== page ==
State officials crack down on unemployment fraud

Indiana is stepping up efforts to catch people who are collecting unemployment illegally, resulting in 14 felony convictions so far this year.

The Indiana Department of Workforce Development has caught more than 135 people falsely claiming jobless benefits since 2006. Sixty-two of those have been convicted of felonies.

"Most of these are people already working full-time, but feel like 'I'm not making enough money at this job, so I'm entitled to unemployment,' " department spokesman Joe Frank told The Journal Gazette of Fort Wayne. "To them, it's like someone else's money."

More than 264,000 Indiana residents were out of work in July, and more than 87,000 of them were receiving unemployment checks.

Workforce development officials say cracking down on violators ensures that those who are eligible for the money—up to $390 a week—can get it.

One part of the crackdown involves publicizing the names and photographs of offenders. Visitors to the agency's website can access a link listing the names and photographs of those recently convicted of unemployment fraud, along with the penalties they have incurred.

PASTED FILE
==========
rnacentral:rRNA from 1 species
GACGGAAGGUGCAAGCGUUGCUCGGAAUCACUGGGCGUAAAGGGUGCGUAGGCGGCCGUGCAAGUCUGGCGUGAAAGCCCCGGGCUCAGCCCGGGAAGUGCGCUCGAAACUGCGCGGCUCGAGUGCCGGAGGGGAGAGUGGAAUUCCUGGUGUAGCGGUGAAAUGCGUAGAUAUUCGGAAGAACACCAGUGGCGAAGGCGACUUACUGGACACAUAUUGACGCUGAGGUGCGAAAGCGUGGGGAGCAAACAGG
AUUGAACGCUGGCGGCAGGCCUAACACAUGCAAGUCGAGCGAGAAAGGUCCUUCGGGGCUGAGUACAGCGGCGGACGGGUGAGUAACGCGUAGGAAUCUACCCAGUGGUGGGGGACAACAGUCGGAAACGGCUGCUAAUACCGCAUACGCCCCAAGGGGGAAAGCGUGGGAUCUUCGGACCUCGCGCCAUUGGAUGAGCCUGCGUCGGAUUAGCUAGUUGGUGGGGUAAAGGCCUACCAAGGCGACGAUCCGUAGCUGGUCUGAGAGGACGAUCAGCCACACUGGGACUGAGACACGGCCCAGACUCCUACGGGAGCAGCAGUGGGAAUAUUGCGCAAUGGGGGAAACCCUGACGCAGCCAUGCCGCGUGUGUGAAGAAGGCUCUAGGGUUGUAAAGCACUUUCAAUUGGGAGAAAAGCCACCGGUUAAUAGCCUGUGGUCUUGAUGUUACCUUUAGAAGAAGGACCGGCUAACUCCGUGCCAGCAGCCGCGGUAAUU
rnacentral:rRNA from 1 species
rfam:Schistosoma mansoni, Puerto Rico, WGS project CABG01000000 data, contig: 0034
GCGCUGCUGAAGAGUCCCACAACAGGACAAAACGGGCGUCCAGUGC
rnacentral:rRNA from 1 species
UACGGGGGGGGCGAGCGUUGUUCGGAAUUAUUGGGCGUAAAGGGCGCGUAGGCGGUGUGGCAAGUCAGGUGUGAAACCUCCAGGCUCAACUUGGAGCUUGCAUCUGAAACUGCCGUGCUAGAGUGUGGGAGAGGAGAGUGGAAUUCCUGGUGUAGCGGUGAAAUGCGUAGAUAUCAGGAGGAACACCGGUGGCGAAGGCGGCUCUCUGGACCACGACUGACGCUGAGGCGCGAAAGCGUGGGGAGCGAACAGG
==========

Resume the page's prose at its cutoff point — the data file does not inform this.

Frank said the idea originated with former commissioner Mark Everson, who adopted the idea while working as commissioner of the Internal Revenue Service in President George W. Bush's administration.

The idea is that showing the consequences of trying to cheat the system will deter the activity.

"People look at the website and see that it's a big deal to say you're unemployed and you're working. It's a felony," Frank said.

Violators must repay the benefits they collected illegally—more than $46,000, in some cases listed on the site—and face other consequences, including multiple years on probation and a permanent criminal record.

Workforce Development Commissioner Scott Sanders said he plans to continue to keep the heat on those trying to defraud the agency. His message: "We will catch you if you break the law and you will be punished."

Maurice Emsellem, a policy co-director with National Employment Law Project in New York, said it's more common for agencies to deny benefits to people who should receive them than it is for the unemployed to commit fraud.

He said the government needs to take a balanced approach to ferreting out problems.

"People who are often entitled to their benefits are getting caught up innocently in these overpayment proceedings," he said. "The government needs to (help them) with the same kind of vigor they do with unemployment fraud."

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